What in­no­va­tive steps is your com­pany tak­ing to re­tain your top talent?

Cap­i­tal Ideas mem­bers share tips for keep­ing great people around

Edmonton Journal - - CAPITAL IDEAS -

“We have an amaz­ing group of su­per­stars in the firm that want to feel em­pow­ered and know they are mak­ing a dif­fer­ence. We of­fer as much per­sonal and pro­fes­sional flex­i­bil­ity as pos­si­ble in the jobs they work on, their daily work sched­ules and how they can in­di­vid­u­ally con­trib­ute to the com­pany’s suc­cess.” — Linda Banis­ter, pres­i­dent of Banis­ter Re­search & Con­sult­ing Inc. — banis­ter.ab.ca “The key to keep­ing tal­ented people is cre­at­ing a cul­ture that is hard to walk away from. One of the ways we do this is by cre­at­ing per­sonal con­nec­tions with our team. We also in­ten­tion­ally cre­ate ex­pe­ri­ences for us to have fun to­gether.” — Brandi Bartlett, di­rec­tor of hu­man re­sources at Quer­cus So­lu­tions — quer­cus­so­lu­tions.com “Per­haps not very in­no­va­tive, but when I started my com­pany 18 years ago, I vowed to not end up own­ing a com­pany that I wouldn’t want to work for.” — David Borodit­sky, owner of Emer­gence by De­sign — emer­gence.com “Good em­ploy­ees work for the wages or salary; great em­ploy­ees are pas­sion­ate about the work they do, and work pri­mar­ily for peer and su­per­vi­sor recog­ni­tion. Man­age­ment needs to meet these needs by pay­ing good em­ploy­ees rea­son­able com­pen­sa­tion to re­tain them, and pro­mot­ing the great ones.” — Kees denHar­tigh, founder of Or­ganic So­cial Me­dia — or­gan­ic­so­cial­me­dia.ca “We pay them well, al­ways re­spond to their ques­tions or con­cerns, and re­spect their pri­or­i­ties. In essence, we make sure to treat our people like people and not just like em­ploy­ees. At the end of the day, we all pay our staff about the same as ev­ery­one else in the mar­ket, but what the best people value most is re­spect.” — Anuj Gupta, pres­i­dent of Anu Homes — anuhomes.ca “Re­ten­tion is the key to our suc­cess for sure, but it is not all about money; for us, it’s about our cul­ture. We treat all em­ploy­ees equally, sup­port them, and help them grow both pro­fes­sion­ally and per­son­ally… We try hard to mak­ing sure all staff feel like they’re val­ued and lis­tened to… Re­ward­ing, rec­og­niz­ing and ap­pre­ci­at­ing all your em­ploy­ees is the key to re­ten­tion.” — Bruce Kirk­land, gen­eral man­ager of Lexus of Ed­mon­ton — lexu­sofed­mon­ton.ca “I don’t dis­crim­i­nate be­tween my staff. I of­fer them all the same thing: Paid train­ing op­por­tu­ni­ties, daily chal­lenges with in­creas­ing re­spon­si­bil­i­ties, and con­stant and rel­e­vant feed­back.” — Kevin MacDon­ald, sound­ing board at PU Tech­nolo­gies Inc. — putech­nolo­gies.tk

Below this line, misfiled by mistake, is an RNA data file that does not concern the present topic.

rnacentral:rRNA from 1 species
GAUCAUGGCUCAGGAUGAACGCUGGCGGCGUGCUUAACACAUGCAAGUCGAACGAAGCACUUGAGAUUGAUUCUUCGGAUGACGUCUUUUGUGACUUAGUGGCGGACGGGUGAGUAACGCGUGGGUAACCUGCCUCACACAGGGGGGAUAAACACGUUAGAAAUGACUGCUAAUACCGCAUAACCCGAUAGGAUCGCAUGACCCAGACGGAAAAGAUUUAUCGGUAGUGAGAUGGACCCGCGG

Chris Vilc­sak, pres­i­dent of So­lu­tion 105 (so­lu­tion105.com) is in­ter­ested in hear­ing how other com­pa­nies re­tain staff, which is why he posed this ques­tion to the com­mu­nity. Here’s how Vilc­sak re­tains his top talent: “Suc­cess­ful com­pa­nies rec­og­nize that team mem­bers must fit and func­tion well to­gether… and un­der­stand that people have a life out­side of work and en­cour­age that. Be flex­i­ble with work hours… and when times are busy and em­ploy­ees are work­ing hard, rec­og­nize the ex­tra ef­fort, too. Fi­nally, com­pen­sate fairly… when the com­pany does well, so should the em­ploy­ees.”